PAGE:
This afternoon, the Northern District of Texas’ Judge Fitzwater issued a Temporary Restraining Order (available here) prohibiting the City of Dallas from removing its statue of Robert E. Lee that sits in the City of Dallas’ Lee Park. The City’s work crew had straps around the statue and had been chiseling away at its base at the time the TRO issued. Various news outlets were live streaming the process, and a relatively large crowd had gathered to watch it.
The TRO came about as a result of a lawsuit (available here) brought by Hiram Patterson and the Sons of the Confederate Veterans, Inc. Plaintiffs allege that, this morning, the Dallas City Council voted to remove the statute, but the Council’s actions violate the First Amendment. According to the lawsuit:
The Confederate Monument was erected to express a controversial political opinion. The City’s plan to remove the Monument in a matter of hours is an imminent and unconstitutional attempt to curtail free speech by ordaining what mute political symbols must mean. The City’s planned suppression of the Monuments’ political speech is a ﬁrst step in a totalitarian move to determine authorized forms of political communication and to punish unauthorized political speech. The City has expressed no compelling interest in the abridgment of this core political speech.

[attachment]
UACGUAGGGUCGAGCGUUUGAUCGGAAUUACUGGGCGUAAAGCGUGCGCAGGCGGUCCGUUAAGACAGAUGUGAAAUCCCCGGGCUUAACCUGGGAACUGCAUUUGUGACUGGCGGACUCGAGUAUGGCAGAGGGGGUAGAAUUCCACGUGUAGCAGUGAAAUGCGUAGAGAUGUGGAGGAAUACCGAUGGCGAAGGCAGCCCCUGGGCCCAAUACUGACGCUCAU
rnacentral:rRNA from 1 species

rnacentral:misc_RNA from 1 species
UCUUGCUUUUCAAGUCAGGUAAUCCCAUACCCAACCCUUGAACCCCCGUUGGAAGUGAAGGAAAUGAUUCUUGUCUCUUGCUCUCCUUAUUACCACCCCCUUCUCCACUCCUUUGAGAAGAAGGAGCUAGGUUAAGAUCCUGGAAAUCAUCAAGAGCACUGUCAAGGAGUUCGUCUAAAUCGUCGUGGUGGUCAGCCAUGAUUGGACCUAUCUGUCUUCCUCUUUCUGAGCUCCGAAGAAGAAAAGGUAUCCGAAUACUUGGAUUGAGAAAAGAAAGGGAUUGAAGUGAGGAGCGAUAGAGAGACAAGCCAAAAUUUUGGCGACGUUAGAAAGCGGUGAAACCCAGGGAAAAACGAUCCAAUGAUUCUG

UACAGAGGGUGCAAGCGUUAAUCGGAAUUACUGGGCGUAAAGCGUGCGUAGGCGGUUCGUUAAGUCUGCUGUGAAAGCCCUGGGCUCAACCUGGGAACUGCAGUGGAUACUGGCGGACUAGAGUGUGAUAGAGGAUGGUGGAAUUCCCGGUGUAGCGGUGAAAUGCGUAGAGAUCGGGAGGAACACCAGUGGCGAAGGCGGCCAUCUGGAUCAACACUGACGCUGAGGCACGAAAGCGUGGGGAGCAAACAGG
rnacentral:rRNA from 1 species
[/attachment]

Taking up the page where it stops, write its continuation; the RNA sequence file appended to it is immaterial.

The lawsuit also alleges that the Council’s actions violated the Constitution’s Due Process clause because, per Plaintiffs,
The Dallas City Council is preventing meaningful hearing of public opinion on the removal of Confederate Monuments by voting on the Monuments’ removal in a manner not permitted under City Council Rules. These Rules were promulgated in order to provide fair notice and opportunity to appear before the Council. However, when the City Council votes in a brieﬁng session and not during an agenda session, the City Council is purposefully avoiding public participation of a highly controversial issue that public polling shows favors the retention of these Confederate Monuments. The Council’s removal votes in a procedurally improper hearing creates unfairness to the public that the Council represents.
Judge Fitzwater has set a hearing on Plaintiffs’ TRO request for tomorrow (September 7, 2017) at 1:30 p.m. While I generally avoid commenting on the merits of lawsuits, I give this one no chance of success. The Plaintiffs may lack standing to bring the lawsuit, and, of course, a city can generally determine what monuments its wishes to erect—or keep—on its own property.